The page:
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Thursday, August 06, 2020

RIP Mitch Ryder

PAS: I used to buy XCW-Midwest DVDs from Mitch Ryder in the early days of Segunda Caida. We reviewed a ton of them and it sort of established SC as the kind of place that would review a dozen XCW-Midwest shows. Ryder was a breath of fresh air in the "do a bunch of stuff" era of indy wrestling and was always good for some bumping, bleeding, and brawling.

Mitch Ryder/Todd Morton/Tarek the Great/Bull Pain vs. Ian Rotten/Mark Wolf/Tracy Smothers/Sabu IWA-MS 10/20/01

PAS: Overbooked as it gets, but totally awesome. We probably didn't need a surprise partner (although Sabu is always great in that role), a Tarek the Great face turn AND a Tracy Smothers heel turn all in one match. The Tarek turn added nothing to the match and could have been scrapped. Still everything else was great, Pain cracking Ian in the jaw with a baseball bat, Todd Morton doing two crazy cage dives (including walking the side of the cage), Sabu taking a bump off the side of the cage to the floor, and tons of blood. Ryder was mostly on the outside of the cage running interference, throwing Wolf into chairs, brawling wildly with Smothers, punching Ian in his bloody head. Finish was some classic IWA White WorldStarism. Tracy puts on the ref shirt to count Bull down, only to jump Ian, then the Bad Motherfuckers beat Ian down while the fans throw things. Corporal Robinson tries to make the save by walking the rafters to the top of the cage, Ian's wife Patti tries to hit Tracy with a stick. Total Fentanyl clinic riot which is one of the best things about IWA.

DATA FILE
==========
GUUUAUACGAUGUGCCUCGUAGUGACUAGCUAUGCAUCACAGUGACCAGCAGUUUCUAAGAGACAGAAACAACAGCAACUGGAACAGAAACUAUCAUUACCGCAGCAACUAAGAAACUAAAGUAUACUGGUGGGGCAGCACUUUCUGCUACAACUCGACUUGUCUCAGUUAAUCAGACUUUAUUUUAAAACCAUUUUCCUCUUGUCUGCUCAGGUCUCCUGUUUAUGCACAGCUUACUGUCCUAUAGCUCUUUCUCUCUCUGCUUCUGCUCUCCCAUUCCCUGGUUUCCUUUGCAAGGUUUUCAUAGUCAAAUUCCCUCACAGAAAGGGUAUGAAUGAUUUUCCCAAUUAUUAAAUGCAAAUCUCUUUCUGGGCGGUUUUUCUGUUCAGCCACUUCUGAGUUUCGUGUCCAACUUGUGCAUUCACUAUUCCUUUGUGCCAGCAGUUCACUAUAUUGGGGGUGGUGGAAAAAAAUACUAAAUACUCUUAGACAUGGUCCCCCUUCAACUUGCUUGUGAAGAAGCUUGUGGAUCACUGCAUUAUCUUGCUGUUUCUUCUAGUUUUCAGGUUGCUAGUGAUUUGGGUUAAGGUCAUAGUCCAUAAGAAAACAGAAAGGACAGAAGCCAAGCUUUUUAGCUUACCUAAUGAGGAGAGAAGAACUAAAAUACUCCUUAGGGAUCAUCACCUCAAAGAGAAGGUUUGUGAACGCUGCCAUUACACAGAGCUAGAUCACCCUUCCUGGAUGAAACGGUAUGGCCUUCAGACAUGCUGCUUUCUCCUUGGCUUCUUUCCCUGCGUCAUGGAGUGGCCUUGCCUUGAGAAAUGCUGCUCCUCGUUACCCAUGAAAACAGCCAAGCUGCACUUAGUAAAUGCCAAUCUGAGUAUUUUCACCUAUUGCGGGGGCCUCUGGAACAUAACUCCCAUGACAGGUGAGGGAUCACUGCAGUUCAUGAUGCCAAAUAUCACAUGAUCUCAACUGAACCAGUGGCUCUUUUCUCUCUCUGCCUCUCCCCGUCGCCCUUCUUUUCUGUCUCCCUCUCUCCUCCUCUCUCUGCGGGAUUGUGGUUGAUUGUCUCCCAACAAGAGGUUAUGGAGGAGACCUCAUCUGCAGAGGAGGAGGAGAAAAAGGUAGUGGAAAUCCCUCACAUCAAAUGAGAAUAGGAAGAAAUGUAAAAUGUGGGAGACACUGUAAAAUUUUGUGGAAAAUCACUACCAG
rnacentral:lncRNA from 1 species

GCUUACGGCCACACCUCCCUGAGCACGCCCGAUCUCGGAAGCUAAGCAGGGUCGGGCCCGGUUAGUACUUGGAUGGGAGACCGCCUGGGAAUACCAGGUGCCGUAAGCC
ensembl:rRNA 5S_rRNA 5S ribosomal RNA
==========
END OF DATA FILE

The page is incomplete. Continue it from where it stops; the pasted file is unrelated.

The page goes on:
JR: When I was in college I had to take an acting class as a general requirement. I was not a strong actor but I remember I did one scene with a partner and our thought process was “if we just cause chaos the entire time, it will cover up our distinct lack of talent”. It worked well enough.

I thought about that while watching this. As a wrestling writer, I’m someone who is constantly trying to identify narrative. I legitimately can’t do that here. There is a story and it’s established well, but I think to mention it or try and define it would in some ways take away from the sheer spectacle that unfolds. Every single person in this is insane. Sabu shows up early and spends almost all of his time bumping from the cage to the floor. Tarek turns face, the sniveling henchman finally growing a spine and standing up to the abusive Bull Pain and paying the price. Pain holds court, despicable and massive from the first moment, at once the center of everything and completely separate from it all.

Almost everyone is wonderful here. Smothers gets to work his greatest hits throughout, working as a fiery babyface and then turning mid match and working as a heat magnet for the rest, trying to start a riot every step of the way. Every single person takes a bump that they absolutely regretted moments after it happened. Todd Morton did two cage dives!

Of course, we watched this in tribute to Mitch Ryder. I wouldn’t exactly call this a showcase for Ryder, but his makes the most of his moments. In some ways, it’s a good microcosm of his career as a whole: while others will certainly have more words devoted to them, more camera time thrust upon them, in the moments that Ryder was the focal point, he stood out. The door of the cage was slammed on his back and he stooged and pranced like Rick Rude after an atomic drop. In the chaos on the outside, he flung himself around. Chairs and tables and fans scattered around him. He talked trash into the camera, filling the frame with his insane, sweaty face. In short, he was a wrestler. He did everything he was supposed to do and he did it well.